Should You Do A Social Media Detox?
Social networking sites are an essential part of today’s hyper-connected world. They can also add to a hyper-distracted life. Think about it. You open your smartphone to check an app and lo and behold, a friend has posted a picture. It’s of their family vacation. The next thing you know, you’ve opened your browser to research “Caribbean getaways” and “how to tone your stomach in two weeks.” Sometimes social media can feel like a bit of a vacuum, one that sucks up time as well as emotional and mental energy.
Several studies have found that social media use can be linked to increased levels of depression and anxiety. Children and adults alike report feeling stressed out by the pressure of unachievable standards of beauty and success that are plastered across different platforms. People also reported feeling lonely or isolated because this kind of hyper-connectivity occurs at a superficial level. Elements of communication like eye contact, body language, tone and physical touch are all missing.
An over-active social presence can even alter your sleep patterns! A 2014 study found that, on average, participants checked their social media accounts for over an hour every day. They also logged on about 30 times per week. Ultimately, 57% of these users reported sleep disturbances.
Spending time on social media platforms can also negatively affect your work performance. A paper published in the Journal of Applied Social Psychology suggested that people end up spending more time on social networks than they think they do. This can end up wasting a valuable resource: time.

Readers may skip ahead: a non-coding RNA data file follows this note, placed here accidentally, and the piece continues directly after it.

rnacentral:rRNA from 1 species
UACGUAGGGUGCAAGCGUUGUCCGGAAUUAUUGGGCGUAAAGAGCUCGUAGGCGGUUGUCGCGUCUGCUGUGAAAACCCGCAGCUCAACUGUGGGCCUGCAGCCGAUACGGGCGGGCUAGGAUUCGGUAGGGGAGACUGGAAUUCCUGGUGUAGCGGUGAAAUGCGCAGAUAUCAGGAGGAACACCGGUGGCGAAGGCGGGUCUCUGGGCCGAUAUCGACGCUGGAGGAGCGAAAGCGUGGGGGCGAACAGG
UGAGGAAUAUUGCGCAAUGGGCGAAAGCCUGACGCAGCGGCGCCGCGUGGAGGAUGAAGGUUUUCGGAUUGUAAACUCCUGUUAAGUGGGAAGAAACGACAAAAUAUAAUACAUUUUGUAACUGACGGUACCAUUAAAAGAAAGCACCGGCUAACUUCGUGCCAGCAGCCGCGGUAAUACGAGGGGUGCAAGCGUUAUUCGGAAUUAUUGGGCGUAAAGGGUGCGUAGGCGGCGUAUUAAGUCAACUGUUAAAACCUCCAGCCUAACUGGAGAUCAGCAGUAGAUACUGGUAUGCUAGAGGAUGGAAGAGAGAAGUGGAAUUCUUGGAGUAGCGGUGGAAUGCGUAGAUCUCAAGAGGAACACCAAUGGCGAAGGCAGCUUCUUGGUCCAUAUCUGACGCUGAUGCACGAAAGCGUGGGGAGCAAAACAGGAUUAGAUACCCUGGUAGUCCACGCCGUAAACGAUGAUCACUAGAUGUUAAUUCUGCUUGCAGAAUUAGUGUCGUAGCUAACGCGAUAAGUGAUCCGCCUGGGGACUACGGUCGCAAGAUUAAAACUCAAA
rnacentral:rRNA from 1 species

“Unplugging” from social media from time to time doesn’t have to be difficult. It may even help your mental and physical well-being. You can make disconnecting something that works for your schedule and life. For instance, if you need your smartphone for work, try deleting social networking apps from the home screen for a period of time.
If you don’t want to unplug completely try setting limits for yourself. Research suggests that limiting your social media use to approximately 30 minutes per day can significantly improve your well-being.
Try getting out of the house to do real things you love with real people. Dinner with friends or a walk with your family will reduce the temptation to check your phone or social sites. You’ll also feel more present and mindful in your relationships and experiences.
Just like proper nutrition and exercise, focusing on your mental well-being is vital to living a healthy life. Our Online Health Coach can help you set and manage goals to help you feel your best.
You can also get ongoing support for depression, substance use disorder, grief and more through behavioral health services.